The full-period highs and lows help to unmask that the changes were anything but linear. Between these three years, we saw times of much higher volatility, much higher stock valuations and much lower interest rates than we saw at the end of 2022. To offer a few more examples, consider that just within these three years, we saw the peak for negative-yielding non-U.S. debt, as several central banks in Europe and Japan set target rates below zero, and today we've seen that nearly fall to zero.

Figure 3 | Select Market Statistics

A selection of notable statistics showing where each stood at the end of 2019 and each year since.

Data from 12/31/2019 – 12/31/2022. Source: Bloomberg, Federal Reserve Board of Governors (FRED) and the U.S. Bureau of Labor Statistics. Consumer Price Index (CPI) is derived from detailed consumer spending information. Changes in CPI measure price changes in a market basket of consumer goods and services such as gas, food, clothing, and cars. The VIX Index tracks the expected 30-day future volatility of the S&P 500. P/E, or price-to-earnings ratio, is a stock’s price per share divided by its annual earnings per share. Yield is the rate of return for bonds and other fixed income instruments. ICE U.S. Dollar Index is a measure of the value of the U.S. dollar relative to a basket of foreign currencies such as the Euro, Swiss franc, Japanese yen, Canadian dollar, British pound and Swedish krona. Past performance is no guarantee of future results.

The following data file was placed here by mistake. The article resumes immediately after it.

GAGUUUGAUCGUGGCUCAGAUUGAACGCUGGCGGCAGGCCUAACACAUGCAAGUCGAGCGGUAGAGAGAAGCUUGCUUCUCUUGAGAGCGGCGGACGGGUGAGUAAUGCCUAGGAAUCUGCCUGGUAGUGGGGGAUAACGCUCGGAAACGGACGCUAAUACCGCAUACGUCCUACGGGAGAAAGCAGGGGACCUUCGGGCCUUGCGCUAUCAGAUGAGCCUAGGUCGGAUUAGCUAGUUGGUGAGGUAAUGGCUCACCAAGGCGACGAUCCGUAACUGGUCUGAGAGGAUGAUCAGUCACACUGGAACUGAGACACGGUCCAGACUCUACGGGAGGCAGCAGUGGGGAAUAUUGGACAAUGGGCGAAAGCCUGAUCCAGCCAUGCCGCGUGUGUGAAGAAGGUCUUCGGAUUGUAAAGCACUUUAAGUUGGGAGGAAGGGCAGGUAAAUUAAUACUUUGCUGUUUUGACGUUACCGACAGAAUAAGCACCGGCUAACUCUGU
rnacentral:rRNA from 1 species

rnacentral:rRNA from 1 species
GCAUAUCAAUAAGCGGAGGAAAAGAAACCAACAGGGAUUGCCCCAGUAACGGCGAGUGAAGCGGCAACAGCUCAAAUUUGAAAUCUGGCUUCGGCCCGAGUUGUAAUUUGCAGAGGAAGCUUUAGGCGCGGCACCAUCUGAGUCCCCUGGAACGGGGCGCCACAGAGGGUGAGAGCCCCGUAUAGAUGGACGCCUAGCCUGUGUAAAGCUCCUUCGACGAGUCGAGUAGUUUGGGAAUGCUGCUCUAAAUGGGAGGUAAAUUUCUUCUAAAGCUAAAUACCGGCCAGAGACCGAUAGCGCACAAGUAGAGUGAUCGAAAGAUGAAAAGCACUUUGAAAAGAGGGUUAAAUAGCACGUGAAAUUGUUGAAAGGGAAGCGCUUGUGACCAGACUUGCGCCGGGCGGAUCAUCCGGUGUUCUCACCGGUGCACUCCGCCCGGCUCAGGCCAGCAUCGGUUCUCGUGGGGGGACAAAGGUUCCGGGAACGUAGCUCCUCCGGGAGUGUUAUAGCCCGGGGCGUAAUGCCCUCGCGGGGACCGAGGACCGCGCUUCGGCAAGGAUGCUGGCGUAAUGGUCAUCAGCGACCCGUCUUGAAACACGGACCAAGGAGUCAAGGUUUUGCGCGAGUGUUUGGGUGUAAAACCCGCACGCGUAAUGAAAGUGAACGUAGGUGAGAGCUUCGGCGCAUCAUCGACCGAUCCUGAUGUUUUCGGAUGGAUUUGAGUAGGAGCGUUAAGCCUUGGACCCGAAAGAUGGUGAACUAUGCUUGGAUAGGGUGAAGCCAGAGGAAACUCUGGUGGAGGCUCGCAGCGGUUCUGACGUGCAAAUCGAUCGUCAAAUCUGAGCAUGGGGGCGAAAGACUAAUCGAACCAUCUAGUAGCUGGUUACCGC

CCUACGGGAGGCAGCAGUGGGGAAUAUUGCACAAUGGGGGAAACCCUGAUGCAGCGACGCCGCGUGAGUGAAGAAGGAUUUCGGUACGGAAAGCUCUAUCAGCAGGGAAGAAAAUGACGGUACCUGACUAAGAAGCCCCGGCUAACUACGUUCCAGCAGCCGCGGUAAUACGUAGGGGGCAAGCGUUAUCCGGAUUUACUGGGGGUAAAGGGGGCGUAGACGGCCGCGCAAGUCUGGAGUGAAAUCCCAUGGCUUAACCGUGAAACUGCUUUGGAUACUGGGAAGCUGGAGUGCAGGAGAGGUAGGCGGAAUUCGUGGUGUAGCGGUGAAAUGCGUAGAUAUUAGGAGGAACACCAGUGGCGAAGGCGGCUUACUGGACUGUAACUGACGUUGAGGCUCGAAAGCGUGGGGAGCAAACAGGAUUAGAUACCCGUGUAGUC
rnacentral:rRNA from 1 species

The U.S. dollar (USD) also strengthened over much of the period during a time of rising rates in the U.S., which weighed on international stock returns for U.S. investors. However, a softening dollar to close 2022 played a role in the S&P 500 underperforming non-U.S. stocks (MSCI ACWI ex U.S. Index) on the year by more than 3% - a result that may surprise investors who have watched the U.S. market win more often than not in recent periods.

All these statistics in Figures 2 and 3 highlight that investors and markets have endured a lot over the past three years. If you were approached at the start of 2020 and told what would happen over the next three years, would you have wanted to invest in stocks? Despite a down year in 2022, if you had held all the stocks in the S&P 500 Index for the full three years, you would have earned a cumulative return of nearly 25% with an average annual return of almost 10%. That's a deal many investors would have likely accepted if given the foresight of the realized returns of the market to come.

Figure 4 offers a few additional takeaways. The first is that if we give too much importance to a single year, we may feel that today's picture is bleaker than the reality for a long-term investor. One year is a relatively short period in the context of an average investor's investment horizon.